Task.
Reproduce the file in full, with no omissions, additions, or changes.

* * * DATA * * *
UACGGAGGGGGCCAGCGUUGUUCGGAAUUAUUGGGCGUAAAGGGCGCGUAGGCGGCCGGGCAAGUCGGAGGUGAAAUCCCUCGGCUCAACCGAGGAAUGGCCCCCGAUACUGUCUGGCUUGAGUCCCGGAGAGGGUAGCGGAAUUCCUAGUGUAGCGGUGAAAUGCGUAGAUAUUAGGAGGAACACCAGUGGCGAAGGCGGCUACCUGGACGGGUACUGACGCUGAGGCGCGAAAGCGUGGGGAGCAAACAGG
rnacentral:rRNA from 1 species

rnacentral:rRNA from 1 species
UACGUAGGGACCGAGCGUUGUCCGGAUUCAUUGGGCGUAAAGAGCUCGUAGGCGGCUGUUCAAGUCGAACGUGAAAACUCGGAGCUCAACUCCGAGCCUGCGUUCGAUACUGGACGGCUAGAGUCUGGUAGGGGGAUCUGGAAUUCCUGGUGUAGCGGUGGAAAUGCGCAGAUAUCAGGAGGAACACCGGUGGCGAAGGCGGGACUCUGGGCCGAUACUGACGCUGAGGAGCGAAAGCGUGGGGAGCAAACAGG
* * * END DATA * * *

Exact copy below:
UACGGAGGGGGCCAGCGUUGUUCGGAAUUAUUGGGCGUAAAGGGCGCGUAGGCGGCCGGGCAAGUCGGAGGUGAAAUCCCUCGGCUCAACCGAGGAAUGGCCCCCGAUACUGUCUGGCUUGAGUCCCGGAGAGGGUAGCGGAAUUCCUAGUGUAGCGGUGAAAUGCGUAGAUAUUAGGAGGAACACCAGUGGCGAAGGCGGCUACCUGGACGGGUACUGACGCUGAGGCGCGAAAGCGUGGGGAGCAAACAGG
rnacentral:rRNA from 1 species

rnacentral:rRNA from 1 species
UACGUAGGGACCGAGCGUUGUCCGGAUUCAUUGGGCGUAAAGAGCUCGUAGGCGGCUGUUCAAGUCGAACGUGAAAACUCGGAGCUCAACUCCGAGCCUGCGUUCGAUACUGGACGGCUAGAGUCUGGUAGGGGGAUCUGGAAUUCCUGGUGUAGCGGUGGAAAUGCGCAGAUAUCAGGAGGAACACCGGUGGCGAAGGCGGGACUCUGGGCCGAUACUGACGCUGAGGAGCGAAAGCGUGGGGAGCAAACAGG